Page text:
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COMMENT: Serero's return good for Bafana Bafana but Safa's timing is questionable

10:19 EAT 06/11/2018
Dennis Mumble SAFA CEO
If the midfielder can be forgiven, then shouldn't Safa lift May Mahlangu's ban and consider him for future Bafana Bafana call-ups?

Thulani Serero returned to the South Africa national team for the Nigeria clash almost a year after being banned by the South African Football Association (Safa) for protesting the coach's decision to leave him on the bench despite flying several times to honour national team call-ups.

In November 2017, quotes attributed to Serero emerged where he said the 'sofa in Arnhem is more comfortable than the South African bench', before adding that he wouldn't honour national team call-ups unless there were guarantees that he would play.

Some felt Serero was right, but others felt that he was turning his back on Bafana Bafana and that he should never be considered for future call-ups. 

Safa investigated the matter, and then decided to ban the diminutive midfielder from playing for Bafana in February 2018, which was welcomed by a section of football fans around the country, who felt that the player was being disrespectful towards the South African flag. 

At the time, Safa sounded firm on their decision to ban Serero, and Baxter was very upset with the player's comments. CEO Dennis Mumble said at the time that the association would not have players who want to influence the coach to be part of the starting line-up.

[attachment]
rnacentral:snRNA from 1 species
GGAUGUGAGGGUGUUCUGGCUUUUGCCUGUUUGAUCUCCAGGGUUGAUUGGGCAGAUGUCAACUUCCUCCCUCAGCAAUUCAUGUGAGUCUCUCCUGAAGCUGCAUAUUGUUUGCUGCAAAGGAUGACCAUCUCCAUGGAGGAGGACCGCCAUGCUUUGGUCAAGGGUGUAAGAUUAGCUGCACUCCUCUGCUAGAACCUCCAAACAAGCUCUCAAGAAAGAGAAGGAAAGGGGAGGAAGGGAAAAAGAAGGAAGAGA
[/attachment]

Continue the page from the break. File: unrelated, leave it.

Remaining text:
However, the player is back in the fold and ready to compete for his place in the team - that's if he will accept the call-up and return, because the latest squad was only announced on Monday. 

Safa and Baxter should be commended for bringing Serero back, because Bafana need all the best players available to them, especially those playing abroad, if they are to qualify for major tournaments.

However, they have set a poor precedent. Does that mean certain players can do as they please when it comes to the national team?

If Safa and Baxter can forgive Serero, then they will certainly have to forgive any other player who disrespects the flag in future, irrespective of the charge.

Without promoting any kind of disrespect towards the national team, anyone who misbehaves in future is most likely making reference to the Serero incident to plead their case and force their way back into the side.     

Serero's return also means that Safa imposes bans on players when they don't need them, only to recall them when they desperately need them for important matches - this might not sit well with those who have been working hard whilst waiting for their chance to be in the Bafana setup. 

It is a known fact that the majority of Nigerian players ply their trade in top leagues abroad, and Baxter wants to match them by bringing in his own 'big guns' for this crucial encounter, but has he gone about it the wrong way this time around? 

Bongani Zungu, Keagan Dolly and Kamohelo Mokotjo, who are playing in Europe, are all injured alongside Dean Furman who spent the majority of his playing career in Europe, and Baxter was definitely cornered into making this decision to recall Serero.  

Could it be that there are no better players than Serero available at this stage? 

This isn't the first time that Serero would be making his return to the national team after infuriating the nation five years ago.

In 2013, he asked to be excused from the Bafana Bafana camp after claiming to be injured, and this led to a fallout with former coach Gordon Igesund, who was in charge of the national team at the time.

Safa was quick to suspend Serero, banning him from representing Bafana, only to recall him in 2014 after a meeting between the technical team and the player involved. 

So Safa needs to improve how they apply disciplinary measures on players who disrespect the South African flag. If Serero, who has been a regular for Vitesse this season, can be forgiven, then Safa might as well lift the ban imposed on May Mahlangu four years ago, and not wait until they need his services before telling the public that they had forgiven him.